Life on the Line
I've worn the rubber gloves, face mask, protective lenses, hard hat, plastic apron, earplugs, hairnet and sturdy shoes you need to wear for a job at the chile processing plant.
I've felt like a Muslim at Mecca, when they walk in an immense wheel of humanity around the Kab'ah, enveloped in a large white cloth that covers economic and cultural differences.
Usually when I see people from the chilera outside work, I stop and stare before I go up and say hi. It's surprising how much hair style determines overall appearance. They are almost unrecognizable without their casco, or helmet.
That Mexican man in the supermarket line, who at work I had thought looked almost like an Anglo, has jet black hair. That woman from Palomas who looked so plain with her casco on has beautiful honey-brown hair and looks like a Madonna with her child on her lap.
People who work at the chileras are almost entirely Mexicans with little education, many of them illiterate. Spanish is the lingua franca, although many more people are able to speak English here than in the fields. I have a degree from a liberal arts college, and have no children. Most women there—the ones that I knew—had their first child when they were about 15.
From the standpoint of labor rights, I was always interested to see what work at the chile plant, Border Foods, was like. But the times I've worked there it's because I absolutely needed to because I was in debt. I basically felt as if wild horses were dragging me. I was sometimes crying on the way there. Well, to be honest, sometimes yelling or swearing.
Once, I was going into the plant with a grim look, maybe with a tear still on my eyelashes, to face 10 hours of manual labor, when a man with a bushy moustache shrugged his shoulders and grinned broadly at me as if to say, "Aw, don't take yourself so seriously. We know it's rotten work, but it's fun." (Or words to that effect.)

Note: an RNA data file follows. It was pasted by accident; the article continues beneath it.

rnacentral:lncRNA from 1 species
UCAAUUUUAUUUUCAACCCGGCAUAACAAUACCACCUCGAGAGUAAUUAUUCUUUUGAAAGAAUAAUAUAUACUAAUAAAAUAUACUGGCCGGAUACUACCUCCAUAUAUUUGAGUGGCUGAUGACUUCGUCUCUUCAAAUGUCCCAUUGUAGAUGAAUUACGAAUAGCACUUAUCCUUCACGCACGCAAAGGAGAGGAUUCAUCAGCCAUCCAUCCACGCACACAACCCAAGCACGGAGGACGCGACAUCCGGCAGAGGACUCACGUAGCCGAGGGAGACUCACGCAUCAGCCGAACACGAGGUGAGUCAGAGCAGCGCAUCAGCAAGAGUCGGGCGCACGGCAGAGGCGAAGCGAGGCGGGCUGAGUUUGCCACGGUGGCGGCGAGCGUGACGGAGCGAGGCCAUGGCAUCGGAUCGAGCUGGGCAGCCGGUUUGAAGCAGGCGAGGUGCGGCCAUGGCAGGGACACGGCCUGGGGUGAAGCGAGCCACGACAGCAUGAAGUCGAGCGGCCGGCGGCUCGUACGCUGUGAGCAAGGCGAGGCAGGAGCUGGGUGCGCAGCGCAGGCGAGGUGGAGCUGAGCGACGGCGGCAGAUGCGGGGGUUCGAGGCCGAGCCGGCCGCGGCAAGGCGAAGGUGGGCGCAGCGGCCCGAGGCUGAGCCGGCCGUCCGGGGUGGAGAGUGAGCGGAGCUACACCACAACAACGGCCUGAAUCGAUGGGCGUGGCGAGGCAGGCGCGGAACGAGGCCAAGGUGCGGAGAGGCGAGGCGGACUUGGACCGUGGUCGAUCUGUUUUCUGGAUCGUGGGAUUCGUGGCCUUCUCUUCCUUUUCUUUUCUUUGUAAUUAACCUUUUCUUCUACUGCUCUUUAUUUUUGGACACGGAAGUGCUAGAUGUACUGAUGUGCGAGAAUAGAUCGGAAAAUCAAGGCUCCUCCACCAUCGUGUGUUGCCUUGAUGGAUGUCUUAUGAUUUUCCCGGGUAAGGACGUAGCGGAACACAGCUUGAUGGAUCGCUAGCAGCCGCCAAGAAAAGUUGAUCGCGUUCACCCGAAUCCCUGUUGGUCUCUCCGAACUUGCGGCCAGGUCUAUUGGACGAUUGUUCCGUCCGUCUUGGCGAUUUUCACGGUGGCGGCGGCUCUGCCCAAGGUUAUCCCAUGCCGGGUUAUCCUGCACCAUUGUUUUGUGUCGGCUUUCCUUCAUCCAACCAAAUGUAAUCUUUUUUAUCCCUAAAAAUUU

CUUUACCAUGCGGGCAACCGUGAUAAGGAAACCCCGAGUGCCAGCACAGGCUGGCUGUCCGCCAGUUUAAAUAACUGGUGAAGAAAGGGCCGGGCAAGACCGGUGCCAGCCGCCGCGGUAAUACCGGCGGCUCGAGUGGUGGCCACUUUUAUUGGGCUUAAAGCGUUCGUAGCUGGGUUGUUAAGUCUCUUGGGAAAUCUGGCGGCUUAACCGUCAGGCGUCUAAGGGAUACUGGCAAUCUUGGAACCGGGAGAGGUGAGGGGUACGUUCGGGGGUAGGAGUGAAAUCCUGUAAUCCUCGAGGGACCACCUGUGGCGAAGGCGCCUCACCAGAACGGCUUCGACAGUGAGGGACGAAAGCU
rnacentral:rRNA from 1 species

He was right, it is fun. I shook off my martyr complex and strode in with a little lighter step.
Horseplay is Border Foods' middle name. Guys are always coming up behind other people to shake them, shout in their ear, cuff them on the side of the head, tap one shoulder when they're on the other side, or make their knees buckle from behind.
I remember the 30-ish guy named Raul who imitated the famous Mexican comedian Cantinflas with his low-slung pants and the little dance he did when he swept up a can. He'd kick it in the air and it would land in the dustbin. It makes me wonder who was the original, Cantinflas or guys like Raul.
And there was Delia, the young woman from Cuernavaca, who had a lively way of acting out chicken jokes, that made us all smile at each other.
There were times when we all got involved making little rabbit ears or antennae with tape and putting them on top of someone's casco without their knowing it. Or sometimes sticking a tail on them. It really took a lot of subtlety and deftness, even acting ability.